The two invented International Talk Like a Pirate Day, settin' aside Sept. 19, also for no especially good reason, as "the one day a year you can talk like a pirate and not be totally insane." It was a private joke among friends till 2002, when they decided, on a sudden "whim piratical," to contact syndicated humorist Dave Barry and share their creation.
Barry mentioned them in a column, journalists started calling from ports as far afield as Ireland and Australia, and the pair became piratical celebrities. Just last month, they served as grand marshals of the first-ever "PyrateCon," a convention of 600 pirate fantasists, historians and merchants from around the world that descended on New Orleans. "It was the first pirate invasion of the French Quarter since the War of 1812," says organizer Rudy Arceo, director of the International Pirate Society.
To Baur and Summers, "Talk Like a Pirate Day" is swashbucklin' slapstick, a chance to liberate their linguistic ids. Their popular Web site, talklikeapirate.com, suggests useful phrases (try "avast, ye scurvy scum!" to hail a foe, "avast, ye salty sea-dog!" for a respected elder), provides a pirate-speak video (instead of "what a lovely morning!" try "the day, 'tis ripe for bloodshed; be ye afeard?"), and lists actual Talk Like a Pirate Day festivities from North Carolina to New Zealand.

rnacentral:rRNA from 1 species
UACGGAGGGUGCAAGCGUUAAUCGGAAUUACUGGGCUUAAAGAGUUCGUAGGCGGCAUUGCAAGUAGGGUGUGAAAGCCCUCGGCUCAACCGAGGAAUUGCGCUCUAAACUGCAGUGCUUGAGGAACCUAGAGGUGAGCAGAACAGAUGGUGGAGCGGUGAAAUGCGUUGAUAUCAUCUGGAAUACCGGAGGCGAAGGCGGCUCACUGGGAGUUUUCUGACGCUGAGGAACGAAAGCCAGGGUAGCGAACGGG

The humor has roots in a long tradition of pirate films, from Douglas Fairbanks' silent The Black Swan (1925) all the way through Depp's Dead Man's Chest (2006), most of which educate about the real lives of pirates while failing to take themselves altogether seriously. Take Blackbeard, at least as portrayed with eye-rollin' glee by actor Robert Newton, a pirate-fan favorite, in the 1952 camp classic.
While pilfering treasure, the larcenous brute finds his own crew trying to steal the booty from him. "Throw 'em in the hold and let 'em suffercate, the thievin' scum!" he cries without a trace of irony.
But like gold doubloons beneath the water, serious themes underlie the comedy. When their "day" burst on the scene, Baur says, he learned there were "nests o' pirates" all over the place. "It's just that we all thought we were the only ones. Turns out we weren't," he says.
"Blow me down for an old sea calf!" he exclaims. "Pirates ha' got us a reputation as bright as the buttons on an admiral's coat [these days], and no mistake! Why, ye ask? There be as many reasons as there be stars to steer by." Be yer own master
Why join the navy if you can be a pirate?
-- Steve Jobs